Revels Spring Sing Artist Spotlight: Dr. Kathy Bullock

Blogs

03.19.2022

Joining us on the Revels Spring Sing stage for the first time will be acclaimed performer, arts educator, choral clinician, and musicologist Dr. Kathy Bullock! Dr. Bullock’s work has taken her across the world, from her 29-year tenure as a professor at Berea College in Kentucky, to her gospel workshops in the US and the UK, to her research in West Africa and South Africa. Revels Digital Communications Manager Sydney Roslin sat down with Dr. Bullock to discuss her incredible body of work and experiences with gospel music. 

Sydney: Hello, Dr. Bullock! Thank you so much for putting aside some time to talk with me. We’re very excited to have you as one of our guest song leaders at Revels Spring Sing. Have you attended or sang at a Revels Spring Sing before?

Dr. Bullock: This will be my first time, so I am excited as well!

S: I was wondering what your gateway into music was. How did you end up being a professional musician and music educator? 

DB: I guess my gateway would have been through my upbringing in Washington D.C. My father was a Baptist minister, and the church in the black community was the center of everything at the time, so I grew up singing and playing the piano in church and taking piano lessons. It’s been a part of my life for as long as I can remember, both in terms in the African American and also in the more European or Western form, with lessons at school, and then later on, going onto college and graduate school to major in music. I went from school to teaching, and I ended up landing at Berea College in Kentucky, where I just retired from after about 29 years. My doctorate is in music theory and analysis, but I also grew up in the folk traditions of gospel and spirituals in particular. Since being at Berea, I’ve expanded my studies in both African and West African music as well as African American, both secular and sacred music forms. I continue to collaborate with friends from West Africa and South Africa, and for years I’ve taken students to study the diaspora and look for connections. During the summers I do a lot of singing camps where I’m joined with other adults, like at the Village Harmony Camp out of Vermont, Common Ground out of Maryland, and Augusta Heritage Center in West Virginia. I share my musical traditions and learn about other folks’ traditions.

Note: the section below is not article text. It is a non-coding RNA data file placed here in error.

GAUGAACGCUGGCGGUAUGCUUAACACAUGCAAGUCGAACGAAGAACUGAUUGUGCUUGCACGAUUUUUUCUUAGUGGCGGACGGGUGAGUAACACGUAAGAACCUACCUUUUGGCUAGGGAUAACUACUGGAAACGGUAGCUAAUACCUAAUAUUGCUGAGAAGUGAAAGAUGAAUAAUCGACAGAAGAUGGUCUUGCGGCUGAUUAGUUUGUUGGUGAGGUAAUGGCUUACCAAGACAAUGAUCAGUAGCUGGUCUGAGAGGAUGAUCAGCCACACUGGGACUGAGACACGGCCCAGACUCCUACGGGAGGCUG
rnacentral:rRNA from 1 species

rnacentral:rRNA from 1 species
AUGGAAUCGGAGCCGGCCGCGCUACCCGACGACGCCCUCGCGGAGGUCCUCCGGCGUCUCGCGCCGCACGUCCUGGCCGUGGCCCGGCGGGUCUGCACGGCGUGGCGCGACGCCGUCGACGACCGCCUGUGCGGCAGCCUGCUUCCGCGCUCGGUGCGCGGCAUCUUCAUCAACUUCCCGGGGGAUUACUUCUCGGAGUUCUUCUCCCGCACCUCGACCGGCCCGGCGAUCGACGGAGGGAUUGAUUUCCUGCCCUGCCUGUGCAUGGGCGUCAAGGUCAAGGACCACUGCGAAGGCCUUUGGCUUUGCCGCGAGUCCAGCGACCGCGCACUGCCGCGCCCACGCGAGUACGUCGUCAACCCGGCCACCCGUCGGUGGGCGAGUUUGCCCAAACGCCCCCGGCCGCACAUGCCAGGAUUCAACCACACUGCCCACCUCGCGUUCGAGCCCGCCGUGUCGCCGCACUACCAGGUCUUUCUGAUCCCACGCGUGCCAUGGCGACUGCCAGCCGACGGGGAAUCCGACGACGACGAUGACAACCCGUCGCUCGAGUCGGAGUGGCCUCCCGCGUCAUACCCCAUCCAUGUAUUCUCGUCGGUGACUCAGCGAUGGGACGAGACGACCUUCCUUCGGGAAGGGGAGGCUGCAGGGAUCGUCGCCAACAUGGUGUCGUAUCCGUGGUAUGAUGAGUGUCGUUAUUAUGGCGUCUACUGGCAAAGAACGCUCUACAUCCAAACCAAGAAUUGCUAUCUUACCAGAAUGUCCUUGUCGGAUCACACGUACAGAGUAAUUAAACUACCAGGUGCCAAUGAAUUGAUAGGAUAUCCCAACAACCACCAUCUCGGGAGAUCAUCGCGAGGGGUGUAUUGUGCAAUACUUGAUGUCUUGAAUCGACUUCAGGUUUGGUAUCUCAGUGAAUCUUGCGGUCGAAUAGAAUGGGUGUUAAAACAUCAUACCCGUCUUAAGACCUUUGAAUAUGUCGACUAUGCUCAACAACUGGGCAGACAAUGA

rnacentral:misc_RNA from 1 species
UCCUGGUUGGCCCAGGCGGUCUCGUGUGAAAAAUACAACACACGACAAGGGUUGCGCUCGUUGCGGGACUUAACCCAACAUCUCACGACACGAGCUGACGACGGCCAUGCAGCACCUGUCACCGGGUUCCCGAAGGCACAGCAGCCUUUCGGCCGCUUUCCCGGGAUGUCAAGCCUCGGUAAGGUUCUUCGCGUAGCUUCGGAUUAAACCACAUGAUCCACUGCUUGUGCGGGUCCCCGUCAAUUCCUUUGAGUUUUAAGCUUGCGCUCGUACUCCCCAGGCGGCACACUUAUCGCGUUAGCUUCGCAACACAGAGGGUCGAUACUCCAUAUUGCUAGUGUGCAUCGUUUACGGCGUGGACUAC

I was also doing some touring in the UK for the last four or five years before COVID, where I’d go around to different community choirs and teach gospel music traditions. While I was at Berea College, I also directed a gospel choir for over twenty-five years. We started about thirty members when we started there, and we had as many as one hundred and fifty at one point, but we averaged about seventy a semester. And then I’ve been touring with a group of professional singers who do African American spirituals in a concert form. During COVID, I was supposed to have all these gigs, sharing music and stories of the African American people and the powerful, the powerful impact it has made, and then all of that was cancelled. But I moved on –  I made several videos from my home in Kentucky, songs of encouragement that I posted on YouTube. I’ve done a number video projects, one dealing with the women’s suffrage movement, and another one that looked at Black women composers, highlighting people from the Kentucky area where I live. You could say I’m keeping busy!

S: You have quite a lot going on!

DB: But it’s been wonderful – I’ve enjoyed it all, and I love collaborating. Right now I’m at Bennington College in Vermont as a visiting professor. During the pandemic, I really saw music as a way of connecting people, affirming our humanity and our shared experiences. And it’s a window for the various cultures to help people understand each other. Take a lot of African American cultures and their rich traditions that are there, for example. Oftentimes the contributions of African American people have been overlooked, minimized, or omitted altogether in so many ways, and part of my work that I love is to share those contributions. That’s part of my teaching here at Bennington. 

S: As someone who grew up as a performer, what led you into education and research?

DB: I love performing, and I’ve been doing that as long as I can remember as an accompanist, choral director, church musician, organist, that kind of thing. But I also love learning about the music myself, and I wanted to share that with others. And I love talking about music, analyzing it, looking at the structure, how it’s put together, what gives it power, that sort of thing. While I was studying music in college, I realized I could professionally talk about music, something I loved, and actually get paid for it!